When Tim Hogg was a Washington State University Pullman student 20 years ago, he thought that the various ASWSU entertainment committees did not have enough money to bring notable artists to the Palouse. He reasoned if all the committees banded together and combined their budgets, they could attract bigger artists, sell more tickets, and engage more students in campus entertainment.
Though met with skepticism at first, the idea led to the formation of the Student Entertainment Board (SEB), which this fall is celebrating two decades of providing the Pullman community with dynamic and accessible entertainment programs.
“The idea spurred a lot of politics and trepidation, especially among WSU staff, but I’m happy we were allowed to go forth with the experiment,” said Hogg, who served as one of SEB’s first co-directors. “I’m just glad it worked because we wouldn’t be celebrating SEB’s 20th anniversary if it hadn’t.”
One of the SEB’s annual programs is CougFest, which is held each fall to celebrate the start of a new academic year. This year it will also help honor SEB’s 20th anniversary when it takes place on Wed., Sept. 6, on the Thompson Flats, and the entire WSU community is invited to attend. The free event will start with lawn games at 3 p.m., five bands will perform throughout the afternoon and evening, and for the first time a beer garden will be available starting at 5 p.m.
The following day at 4:30 p.m., SEB will open a special public exhibition in the CUB Gallery that will feature posters and other materials from SEB events of the past 20 years.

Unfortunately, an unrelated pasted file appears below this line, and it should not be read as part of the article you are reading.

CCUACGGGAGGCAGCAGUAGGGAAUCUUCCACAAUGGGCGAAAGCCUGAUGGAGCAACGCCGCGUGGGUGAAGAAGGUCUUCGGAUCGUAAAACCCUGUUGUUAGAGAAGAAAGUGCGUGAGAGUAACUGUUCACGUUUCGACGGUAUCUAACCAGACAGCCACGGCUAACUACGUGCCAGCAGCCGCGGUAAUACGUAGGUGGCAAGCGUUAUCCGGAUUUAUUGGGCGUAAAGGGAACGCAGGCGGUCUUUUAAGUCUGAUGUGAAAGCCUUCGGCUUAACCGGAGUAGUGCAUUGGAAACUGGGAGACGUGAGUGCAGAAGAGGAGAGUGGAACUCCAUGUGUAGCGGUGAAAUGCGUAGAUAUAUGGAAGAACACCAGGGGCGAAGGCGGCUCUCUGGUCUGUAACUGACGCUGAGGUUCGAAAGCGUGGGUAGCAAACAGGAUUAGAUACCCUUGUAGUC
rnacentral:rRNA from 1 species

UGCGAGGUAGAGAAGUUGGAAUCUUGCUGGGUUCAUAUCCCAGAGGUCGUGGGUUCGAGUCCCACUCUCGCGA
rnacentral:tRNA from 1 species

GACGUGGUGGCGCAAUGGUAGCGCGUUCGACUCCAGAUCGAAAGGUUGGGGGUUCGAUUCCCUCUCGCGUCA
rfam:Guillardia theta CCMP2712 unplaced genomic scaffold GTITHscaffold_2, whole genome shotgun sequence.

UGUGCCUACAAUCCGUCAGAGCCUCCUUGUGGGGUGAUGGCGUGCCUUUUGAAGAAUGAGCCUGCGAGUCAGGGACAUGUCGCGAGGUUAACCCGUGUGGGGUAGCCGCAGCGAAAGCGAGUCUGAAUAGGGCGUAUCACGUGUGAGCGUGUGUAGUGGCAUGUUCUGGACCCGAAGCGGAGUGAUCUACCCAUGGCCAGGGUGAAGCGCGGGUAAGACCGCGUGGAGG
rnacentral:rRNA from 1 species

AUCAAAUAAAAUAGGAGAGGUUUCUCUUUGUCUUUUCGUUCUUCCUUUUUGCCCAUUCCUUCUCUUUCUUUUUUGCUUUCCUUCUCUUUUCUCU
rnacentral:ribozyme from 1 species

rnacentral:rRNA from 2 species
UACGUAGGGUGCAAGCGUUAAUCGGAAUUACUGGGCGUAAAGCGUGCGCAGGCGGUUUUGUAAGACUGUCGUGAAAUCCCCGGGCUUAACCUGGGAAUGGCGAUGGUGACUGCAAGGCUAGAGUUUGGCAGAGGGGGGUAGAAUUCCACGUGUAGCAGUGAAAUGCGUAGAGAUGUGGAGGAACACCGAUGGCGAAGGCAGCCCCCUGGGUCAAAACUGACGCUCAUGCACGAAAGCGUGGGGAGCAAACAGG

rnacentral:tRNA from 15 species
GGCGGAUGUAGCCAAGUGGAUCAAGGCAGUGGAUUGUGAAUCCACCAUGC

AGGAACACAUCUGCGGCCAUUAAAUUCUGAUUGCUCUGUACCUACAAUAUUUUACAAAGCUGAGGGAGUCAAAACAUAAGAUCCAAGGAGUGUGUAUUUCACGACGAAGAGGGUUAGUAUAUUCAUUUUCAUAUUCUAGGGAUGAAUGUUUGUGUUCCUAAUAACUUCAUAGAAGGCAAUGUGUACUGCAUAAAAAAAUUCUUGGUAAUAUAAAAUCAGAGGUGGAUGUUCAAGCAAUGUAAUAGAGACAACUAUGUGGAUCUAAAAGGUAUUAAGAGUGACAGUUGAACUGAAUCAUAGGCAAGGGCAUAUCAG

“We wanted to expand CougFest this year so it could be a great kick-off to SEB’s anniversary,” said Brian Shuffield, executive director of Student Engagement Services. “The event has never been bigger, and many SEB alumni are coming back to be a part of it.”
Among the SEB alumni returning for CougFest is Hogg, who now works as a project manager for EvergreenHealth in the Seattle area. As a student at WSU, Hogg chaired the films committee and worked closely with the concerts committee.
Sierra Horon, SEB’s current concerts programmer, is looking forward to meeting Hogg and other SEB alums who laid the groundwork for what has been a successful organization.
“I think the idea they had to form SEB was genius,” said Horon. “All of us on the SEB board bring something different to the table, enjoy collaborating, and share a passion for entertainment.”
Gaining experience for their careers
Today, SEB encompasses nine different committees: arts, concerts, films, gallery, marketing, speakers, special events, spotlight, and Up All Night.
Shuffield, whose first job at WSU was advising SEB just two years after it formed, has always been impressed with the number, breadth, and quality of events SEB organizes. Not only do the events provide entertainment to the WSU community, but the valuable experience and skills student organizers gain in planning them provides a boost in their professional careers.
“SEB students fully take the reins in organizing and implementing some very extraordinary events for the student body,” Shuffield said. “It has been special for me to see the evolution and growth of the organization.”
For Horon, who wants to someday be a talent agent, being able to meet and work with bands and their managers has allowed her to form a professional network that will prove valuable when she graduates from WSU this summer.
“I love music and find the music industry so fascinating,” Horon said. “SEB helped me find that dream for myself.”